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Launching an IoT product in 3…2…1

The promise of the IoT is making it extremely attractive for product companies looking to innovate, differentiate and create new revenue streams for their business. Building a connected product is certainly hard, but launching an IoT product and getting it to market can be even harder.

The loT landscape today is complex and very noisy. Everyone is rushing to get a connected product (and in some cases any connected product) to market. I have seen some really ground-breaking IoT-enabled products hit the shelves this last year and others that I imagine will end up nothing more than a fad. Yet, even those products still create noise that can drown out the launch and sustainability of a truly great product.

Woman choosing speakers in electronics store

In addition to the mad rush of competition from other connected product companies, there is also broad competition from their unconnected counterparts. The IoT is still in the early-adopter stages and there are many consumers out there that don’t trust or see the value in an IoT connected product quite yet. We know, like similar technology revolutions, mass adoption isn’t far away, but we aren’t quite there yet.
So how do you break through the noise and differentiate yourself?

The best advice I give to product companies is to first ask yourself a couple of questions before even setting off to build your product:

1.) Does my connected product add value to my customer (i.e. what does it offer that it’s unconnected and likely cheaper counterpart does not?)
2.)Will my connected product add value to my business? Will it create new revenue streams?
3.)How can I get the most out of the IoT for my business and my customers?

If you can adequately answer these, you can help ensure you aren’t creating a connected product for a connected product’s sake, but actually introducing something to the market that your customers will want to buy.

The next step is to make sure you have the resources to actually build a secure, reliable and scalable connected product. If not, find the right partner that can help you ensure the long-term success of the product.

Of course, you can build the greatest product in the world and if no one knows about it, it won’t do you much good. The marketing and sales plan should be on the minds of the stakeholders before the project even gets funded. How are we going to get this out to the people? Having funding (whether crowd-sourced, VC-backed, or otherwise) doesn’t guarantee success. Money is always a key factor, but it cannot replace smart, creative sales and marketing campaigns. Invest in these aspects because while word-of-mouth may work for some, its success rate is uncertain at best.

Other tips include:

Leverage retail sales channels. Even the best advertising can’t beat consumers seeing your product on the shelves.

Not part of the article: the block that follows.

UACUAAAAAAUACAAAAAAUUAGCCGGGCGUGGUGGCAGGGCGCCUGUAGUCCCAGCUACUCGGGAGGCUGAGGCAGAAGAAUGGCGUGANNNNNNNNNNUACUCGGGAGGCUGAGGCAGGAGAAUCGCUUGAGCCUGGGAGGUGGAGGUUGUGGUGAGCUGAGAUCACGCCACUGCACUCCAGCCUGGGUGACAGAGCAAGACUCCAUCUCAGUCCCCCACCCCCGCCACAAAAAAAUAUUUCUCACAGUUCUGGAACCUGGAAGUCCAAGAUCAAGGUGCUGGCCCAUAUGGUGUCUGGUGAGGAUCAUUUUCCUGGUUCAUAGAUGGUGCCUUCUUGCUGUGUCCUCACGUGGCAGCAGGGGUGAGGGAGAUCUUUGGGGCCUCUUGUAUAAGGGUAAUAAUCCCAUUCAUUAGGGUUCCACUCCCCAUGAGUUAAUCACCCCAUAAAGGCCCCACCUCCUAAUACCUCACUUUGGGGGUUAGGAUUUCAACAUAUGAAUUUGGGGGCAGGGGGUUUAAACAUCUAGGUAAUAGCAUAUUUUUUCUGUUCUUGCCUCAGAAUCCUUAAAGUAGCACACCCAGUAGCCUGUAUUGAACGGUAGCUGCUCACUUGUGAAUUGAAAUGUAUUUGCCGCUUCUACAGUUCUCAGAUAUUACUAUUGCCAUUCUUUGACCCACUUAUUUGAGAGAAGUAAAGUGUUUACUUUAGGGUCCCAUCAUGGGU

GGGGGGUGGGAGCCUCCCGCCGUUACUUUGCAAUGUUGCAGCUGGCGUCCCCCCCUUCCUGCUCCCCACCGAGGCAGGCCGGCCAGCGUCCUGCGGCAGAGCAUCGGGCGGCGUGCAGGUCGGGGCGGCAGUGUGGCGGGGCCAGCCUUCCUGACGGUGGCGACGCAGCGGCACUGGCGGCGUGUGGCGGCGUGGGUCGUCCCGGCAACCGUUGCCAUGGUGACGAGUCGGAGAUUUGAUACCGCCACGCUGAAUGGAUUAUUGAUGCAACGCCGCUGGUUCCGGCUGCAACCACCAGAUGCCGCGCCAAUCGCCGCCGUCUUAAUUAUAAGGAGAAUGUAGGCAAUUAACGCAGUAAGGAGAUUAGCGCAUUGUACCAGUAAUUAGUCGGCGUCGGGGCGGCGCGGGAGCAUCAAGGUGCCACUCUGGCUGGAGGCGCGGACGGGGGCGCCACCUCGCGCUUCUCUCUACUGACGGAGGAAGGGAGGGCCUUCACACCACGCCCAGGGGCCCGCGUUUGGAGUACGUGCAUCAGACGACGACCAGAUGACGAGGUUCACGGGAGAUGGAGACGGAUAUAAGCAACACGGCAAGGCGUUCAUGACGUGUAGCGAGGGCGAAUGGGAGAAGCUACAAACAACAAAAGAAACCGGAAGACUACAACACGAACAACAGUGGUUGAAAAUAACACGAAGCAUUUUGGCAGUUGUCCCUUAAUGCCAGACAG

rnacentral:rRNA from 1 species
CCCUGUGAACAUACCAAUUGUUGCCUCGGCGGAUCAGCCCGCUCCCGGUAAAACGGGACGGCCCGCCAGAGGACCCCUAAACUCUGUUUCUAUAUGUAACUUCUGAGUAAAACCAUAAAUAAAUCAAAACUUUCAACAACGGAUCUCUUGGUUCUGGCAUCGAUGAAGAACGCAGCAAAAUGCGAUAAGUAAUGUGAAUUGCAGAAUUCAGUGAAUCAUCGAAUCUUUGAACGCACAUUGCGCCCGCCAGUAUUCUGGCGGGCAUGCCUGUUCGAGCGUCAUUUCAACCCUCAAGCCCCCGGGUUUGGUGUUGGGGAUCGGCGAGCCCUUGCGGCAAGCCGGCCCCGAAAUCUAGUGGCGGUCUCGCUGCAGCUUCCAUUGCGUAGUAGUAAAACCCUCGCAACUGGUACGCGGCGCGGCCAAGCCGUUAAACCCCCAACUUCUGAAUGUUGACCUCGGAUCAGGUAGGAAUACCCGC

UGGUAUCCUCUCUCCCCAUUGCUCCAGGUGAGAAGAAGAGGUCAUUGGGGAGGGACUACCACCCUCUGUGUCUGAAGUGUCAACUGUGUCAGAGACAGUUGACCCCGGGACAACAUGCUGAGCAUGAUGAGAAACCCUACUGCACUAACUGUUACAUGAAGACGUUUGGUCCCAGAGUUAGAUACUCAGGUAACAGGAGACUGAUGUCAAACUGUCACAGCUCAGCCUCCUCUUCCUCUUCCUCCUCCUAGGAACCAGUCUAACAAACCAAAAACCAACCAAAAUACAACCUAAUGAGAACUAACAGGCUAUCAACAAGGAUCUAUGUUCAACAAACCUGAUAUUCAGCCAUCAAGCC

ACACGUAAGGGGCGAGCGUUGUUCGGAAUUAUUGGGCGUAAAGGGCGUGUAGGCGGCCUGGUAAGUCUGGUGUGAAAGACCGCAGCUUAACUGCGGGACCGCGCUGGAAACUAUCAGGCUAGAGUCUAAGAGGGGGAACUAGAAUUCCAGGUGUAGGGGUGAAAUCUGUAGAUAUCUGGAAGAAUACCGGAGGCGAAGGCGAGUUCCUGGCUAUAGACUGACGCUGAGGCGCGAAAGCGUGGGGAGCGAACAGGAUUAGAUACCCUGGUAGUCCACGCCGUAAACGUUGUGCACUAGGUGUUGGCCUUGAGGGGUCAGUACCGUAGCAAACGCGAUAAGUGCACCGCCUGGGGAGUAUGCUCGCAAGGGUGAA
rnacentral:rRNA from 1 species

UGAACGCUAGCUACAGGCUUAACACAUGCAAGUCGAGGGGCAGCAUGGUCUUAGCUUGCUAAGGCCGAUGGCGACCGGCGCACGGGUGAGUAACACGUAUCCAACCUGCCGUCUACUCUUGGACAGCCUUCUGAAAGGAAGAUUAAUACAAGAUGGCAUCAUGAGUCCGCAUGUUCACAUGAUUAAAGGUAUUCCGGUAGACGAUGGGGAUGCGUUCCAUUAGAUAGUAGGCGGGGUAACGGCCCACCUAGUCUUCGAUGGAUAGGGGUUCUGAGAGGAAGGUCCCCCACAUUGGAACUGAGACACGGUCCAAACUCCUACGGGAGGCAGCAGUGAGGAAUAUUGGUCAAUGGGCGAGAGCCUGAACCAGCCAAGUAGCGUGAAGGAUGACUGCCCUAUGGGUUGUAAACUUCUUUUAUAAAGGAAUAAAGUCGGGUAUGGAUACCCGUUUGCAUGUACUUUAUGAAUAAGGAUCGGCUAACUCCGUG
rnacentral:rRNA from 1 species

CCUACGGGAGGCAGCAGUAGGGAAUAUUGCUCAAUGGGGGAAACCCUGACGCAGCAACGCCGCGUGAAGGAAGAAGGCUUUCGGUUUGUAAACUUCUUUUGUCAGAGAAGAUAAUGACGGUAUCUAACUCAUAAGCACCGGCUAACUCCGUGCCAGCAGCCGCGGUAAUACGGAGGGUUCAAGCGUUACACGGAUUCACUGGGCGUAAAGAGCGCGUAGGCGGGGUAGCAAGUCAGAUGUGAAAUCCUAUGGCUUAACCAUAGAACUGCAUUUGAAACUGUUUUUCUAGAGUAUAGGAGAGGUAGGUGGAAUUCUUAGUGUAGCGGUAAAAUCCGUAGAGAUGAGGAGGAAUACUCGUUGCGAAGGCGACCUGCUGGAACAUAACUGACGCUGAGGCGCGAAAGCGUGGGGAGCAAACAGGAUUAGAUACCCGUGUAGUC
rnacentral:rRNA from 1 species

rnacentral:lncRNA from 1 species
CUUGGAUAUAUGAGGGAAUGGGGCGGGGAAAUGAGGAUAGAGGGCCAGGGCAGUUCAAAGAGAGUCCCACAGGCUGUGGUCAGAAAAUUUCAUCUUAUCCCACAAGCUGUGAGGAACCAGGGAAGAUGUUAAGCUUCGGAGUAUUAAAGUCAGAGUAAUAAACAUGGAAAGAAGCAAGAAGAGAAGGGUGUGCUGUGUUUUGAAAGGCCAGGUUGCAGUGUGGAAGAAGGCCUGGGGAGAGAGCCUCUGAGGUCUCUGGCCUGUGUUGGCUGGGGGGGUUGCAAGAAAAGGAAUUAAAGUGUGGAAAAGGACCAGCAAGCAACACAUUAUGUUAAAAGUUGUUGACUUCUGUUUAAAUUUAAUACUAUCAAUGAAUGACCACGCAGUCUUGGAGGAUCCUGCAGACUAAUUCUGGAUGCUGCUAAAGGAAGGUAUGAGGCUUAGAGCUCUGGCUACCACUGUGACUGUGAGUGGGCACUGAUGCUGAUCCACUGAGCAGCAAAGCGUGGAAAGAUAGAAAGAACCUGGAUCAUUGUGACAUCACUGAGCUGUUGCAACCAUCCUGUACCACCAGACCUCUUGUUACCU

Don’t underestimate the power of the media. They say “any press is good press.” I’m not so sure that is true, but being positively spotlighted by the right people can change your business overnight.
Identify the best places to do promotions. Industry events are great for guerrilla marketing and other types of promotional activities. Identify the best and most impactful events and have a presence – even if it’s just a small one – at those shows. Industry shows are where the products of tomorrow are launched. Everyone from media and industry analysts to retail buyers, to consumers attend to scope out the new “must-have” products.

Halo CESs

The key for launching any product, but especially connected products, is exposure. Even with tight budgets marketing and sales can’t be ignored. For consumer products, there is no bigger opportunity for exposure than the Consumer Electronics Show (CES) in Las Vegas every January. It’s crazy, large, and extremely noisy. CES has been the launching pad for everything from the VCR to the plasma TV. Because of its popularity, it can be hard for smaller companies to make a big splash – but not impossible. If you’re planning to attend CES this year or are interested in learning more on how to launch a connected product in general, I am hosting a webinar this week on September 8th along with ReadWrite’s Publisher Christopher Caen and Melissa Andresko from connected lighting manufacturer (and frequent CES exhibitor) Lutron to provide tips and tricks for connected product companies looking to get noticed. Register here.

This article was produced in partnership with Xively by LogMeIn.

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The ReadWrite Editorial policy involves closely monitoring the tech industry for major developments, new product launches, AI breakthroughs, video game releases and other newsworthy events. Editors assign relevant stories to staff writers or freelance contributors with expertise in each particular topic area. Before publication, articles go through a rigorous round of editing for accuracy, clarity, and to ensure adherence to ReadWrite's style guidelines.

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